Hoberman has researched and published widely on the use of doping drugs by elite athletes, the political use of sport and the Olympic Games, and the racial dimension of sport. He is the author of "Sport and Political Ideology," "The Olympic Crisis," "Mortal Engines," "Darwin's Athletes" and "Testosterone Dreams." For more about his research, read the feature story "Testosterone Dreams."

Race and Politics
Ben Carrington
Associate Professor, Department of Sociology
512-232-6341
bcarrington@austin.utexas.edu

Carrington researches race, identity and popular culture, including topics such as masculinity and black cultural resistance through sports, the politics of race and sport policy, and the media and celebrity sports stars. He develops a postcolonial theory of sport's role in enforcing racial stereotypes, particularly about black athletes in his recent book "Race, Sport and Politics." Read his Q&A to learn more about his research.

John Hartigan Jr.
Associate Professor, Department of Anthropology
512-232-9201
hartigan@mail.utexas.edu

Hartigan examines the rhetorical maze of racial discourse in contemporary American culture. Drawing on headline news stories — from President Obama's historic election, to Don Imus' inflammatory remarks about the Rutgers women's basketball team — Hartigan shows how the dynamics of American culture continue to shift the contours of the national dialogue on race in his new book "What Can You Say: America's National Conversation about Race."

Daniel Hamermesh
The Sue Killam Professor in the Foundations of Economics
College of Liberal Arts
512-475-8526
hamermes@eco.utexas.edu

In a 2007 study, Hamermesh found Major League Baseball umpires tend to call more strikes when the pitcher is of their same race. When they're not, the umpires call more balls. The study analyzed every pitch from the 2004 through 2006 major league baseball seasons to determine whether racial discrimination figured into an umpire's decision to call a strike or a ball. A regular contributor to the New York Times' Freakonomics blog, he applies economics principles to everyday life-from sports to politics to pop culture.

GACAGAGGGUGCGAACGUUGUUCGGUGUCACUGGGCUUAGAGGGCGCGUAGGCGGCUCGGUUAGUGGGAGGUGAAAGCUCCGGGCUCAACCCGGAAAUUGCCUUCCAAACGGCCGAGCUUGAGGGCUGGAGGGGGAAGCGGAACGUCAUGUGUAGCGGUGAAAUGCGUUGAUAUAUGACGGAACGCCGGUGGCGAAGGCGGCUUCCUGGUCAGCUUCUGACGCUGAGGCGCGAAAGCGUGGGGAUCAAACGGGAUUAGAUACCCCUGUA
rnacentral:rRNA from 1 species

John Ivy
Chair, Department of Kinesiology and Health Education
512-471-8599
johnivy@mail.utexas.edu

Ivy studies the nutrition needed for optimum physical performance and did a major study on nutrient timing. He focuses on the acute and chronic effects of exercise on muscle metabolism and was enlisted by Wheaties to design and provide the scientific research for its new high-performance cereal formula. Learn more in the feature story "Timing is Everything" and watch webisodes of Ivy with top national athletes.

John Bartholomew
Associate Professor, Department of Kinesiology and Health Education
512-232-6021
john.bart@mail.utexas.edu

Bartholomew is an expert on sport psychology and the effects of physical activity on mood and has produced scholarship on the impact of performance feedback on competitive athletes' psychological states. He is the director of the Exercise and Sport Psychology Lab, and you can learn more about his work in the feature story "Don't Even Think About It."